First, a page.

It’s now often being  mooted that somehow we have found ourselves in Biff’s (Back To The Future) alternate reality and it’s hard to disagree. It would seem, virtually, every tie with America’s 20th Century renaissance is being carelessly cut .Climate change is being called fantasy, while creationism is being touted as fact. Racism is validated by the words and actions of the rich, whom set the narrative for the poor . The Church, going against science (again), claim homosexuality can be cured by therapy . The implication is, of course, every homosexual should seek to be cured, for they are “sick.” The anti-abortionists are often the same people who loudly promote war, thus showing that they aren’t “pro-life” at all. Merely pro-men, controlling women’s bodies.

However, try as they may, those that seek to divide, control and enslave can’t quiet the voices of the past, the spectral grasp on the imagination and the ghosts of hope that continue to inform the present and give power to change the future.

One of last century’s most intelligent and strident American commentators was poet, playwright and author James Baldwin. Born to poverty with several brothers and sisters, his mother, Emma Berdis, left his biological father due to his father’s serious drug addiction. They moved to Harlem, where she met the preacher David Baldwin. Going by the writings of James, it would seem that his adopted father treated him more harshly than he did the rest of the children. Some have suggested that this was because James was homosexual.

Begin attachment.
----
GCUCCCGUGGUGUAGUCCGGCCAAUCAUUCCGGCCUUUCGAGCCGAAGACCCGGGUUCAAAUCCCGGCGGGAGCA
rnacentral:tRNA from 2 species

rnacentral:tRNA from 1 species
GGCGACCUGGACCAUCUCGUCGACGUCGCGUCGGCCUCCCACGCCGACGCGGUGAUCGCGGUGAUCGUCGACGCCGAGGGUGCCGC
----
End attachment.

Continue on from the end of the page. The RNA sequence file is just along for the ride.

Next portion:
Being poor, black and homosexual gave Baldwin the deepest meaning of the word “outsider” and taught him to see beyond the accepted way of things, as well as helping fuel his drive to create. In his twenties, Baldwin would grow weary of America’s seemingly inherent racism, sexism and homophobia (and not wanting to fall into the boring ghetto of being known as a “gay ” or “black” writer), moved to France, where in 1987 he would die of stomach cancer.

James Baldwin knew to know yourself is to know others. To know the “advantage” white America exerts, is to see clearly the “disadvantage” black America suffers and vice versa. In short, to know the established narrative is to have the potential to change the established narrative.

Sadly, Baldwin is needed just as much now as he was when he was alive. In terms of racism, not much has changed between the 1960s and 2016. The fact that in the new millennium there needs to be a movement called “Black Lives Matter” is horrific in and of itself.

Director Raoul Peck, recognising all of this, has made Baldwin the subject of a timely documentary called  I Am Not Your Negro. This film is an extended adaptation of Baldwin’s unfinished manuscript (the author’s death arrived before the completion) entitled “Remember This House.” The film seeks to intertwine the lives of Megar Evers, Martin Luther King Jr and Malcolm X in the process telling the tale of black America and, therefore of course, the tale of America in general.

Naturally, Peck draws on many of Baldwin’s poetic and astute texts and impressive television appearances of which many can be found on  YouTube. They can dazzle the dead and teach the living. Baldwin’s lessons are many and what is learnt are truths that travel the centuries.

To get to any truth, to any reality, takes honesty and courage, as Baldwin says,
“Not everything that is faced can be changed. But nothing can be changed until it is faced.”

“I Am Not Your Nigger” – Trailer